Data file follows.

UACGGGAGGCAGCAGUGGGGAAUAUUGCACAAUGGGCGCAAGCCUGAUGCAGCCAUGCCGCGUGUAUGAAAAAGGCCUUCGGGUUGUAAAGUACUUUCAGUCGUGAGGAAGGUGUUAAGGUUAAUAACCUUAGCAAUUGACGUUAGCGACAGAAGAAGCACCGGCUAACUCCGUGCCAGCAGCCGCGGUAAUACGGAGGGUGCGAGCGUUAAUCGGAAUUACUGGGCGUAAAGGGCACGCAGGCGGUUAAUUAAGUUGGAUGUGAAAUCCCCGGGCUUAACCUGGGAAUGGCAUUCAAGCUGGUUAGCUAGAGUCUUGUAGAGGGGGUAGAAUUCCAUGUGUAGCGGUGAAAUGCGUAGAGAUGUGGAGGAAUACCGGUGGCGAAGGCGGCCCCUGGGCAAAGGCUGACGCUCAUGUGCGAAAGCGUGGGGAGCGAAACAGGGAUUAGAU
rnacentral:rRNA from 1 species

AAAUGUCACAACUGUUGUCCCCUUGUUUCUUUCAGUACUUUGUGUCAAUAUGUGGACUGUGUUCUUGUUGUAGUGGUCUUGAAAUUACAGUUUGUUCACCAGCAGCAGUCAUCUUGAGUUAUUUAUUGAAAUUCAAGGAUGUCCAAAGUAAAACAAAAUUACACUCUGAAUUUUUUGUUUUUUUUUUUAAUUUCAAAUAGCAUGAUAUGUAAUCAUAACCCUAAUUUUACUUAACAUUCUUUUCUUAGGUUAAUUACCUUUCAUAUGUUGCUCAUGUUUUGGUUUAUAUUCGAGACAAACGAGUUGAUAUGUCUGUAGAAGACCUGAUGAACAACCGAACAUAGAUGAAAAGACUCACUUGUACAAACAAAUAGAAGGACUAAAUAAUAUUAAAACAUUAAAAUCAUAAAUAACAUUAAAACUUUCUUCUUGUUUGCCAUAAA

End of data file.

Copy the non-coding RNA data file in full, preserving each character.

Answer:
UACGGGAGGCAGCAGUGGGGAAUAUUGCACAAUGGGCGCAAGCCUGAUGCAGCCAUGCCGCGUGUAUGAAAAAGGCCUUCGGGUUGUAAAGUACUUUCAGUCGUGAGGAAGGUGUUAAGGUUAAUAACCUUAGCAAUUGACGUUAGCGACAGAAGAAGCACCGGCUAACUCCGUGCCAGCAGCCGCGGUAAUACGGAGGGUGCGAGCGUUAAUCGGAAUUACUGGGCGUAAAGGGCACGCAGGCGGUUAAUUAAGUUGGAUGUGAAAUCCCCGGGCUUAACCUGGGAAUGGCAUUCAAGCUGGUUAGCUAGAGUCUUGUAGAGGGGGUAGAAUUCCAUGUGUAGCGGUGAAAUGCGUAGAGAUGUGGAGGAAUACCGGUGGCGAAGGCGGCCCCUGGGCAAAGGCUGACGCUCAUGUGCGAAAGCGUGGGGAGCGAAACAGGGAUUAGAU
rnacentral:rRNA from 1 species

AAAUGUCACAACUGUUGUCCCCUUGUUUCUUUCAGUACUUUGUGUCAAUAUGUGGACUGUGUUCUUGUUGUAGUGGUCUUGAAAUUACAGUUUGUUCACCAGCAGCAGUCAUCUUGAGUUAUUUAUUGAAAUUCAAGGAUGUCCAAAGUAAAACAAAAUUACACUCUGAAUUUUUUGUUUUUUUUUUUAAUUUCAAAUAGCAUGAUAUGUAAUCAUAACCCUAAUUUUACUUAACAUUCUUUUCUUAGGUUAAUUACCUUUCAUAUGUUGCUCAUGUUUUGGUUUAUAUUCGAGACAAACGAGUUGAUAUGUCUGUAGAAGACCUGAUGAACAACCGAACAUAGAUGAAAAGACUCACUUGUACAAACAAAUAGAAGGACUAAAUAAUAUUAAAACAUUAAAAUCAUAAAUAACAUUAAAACUUUCUUCUUGUUUGCCAUAAA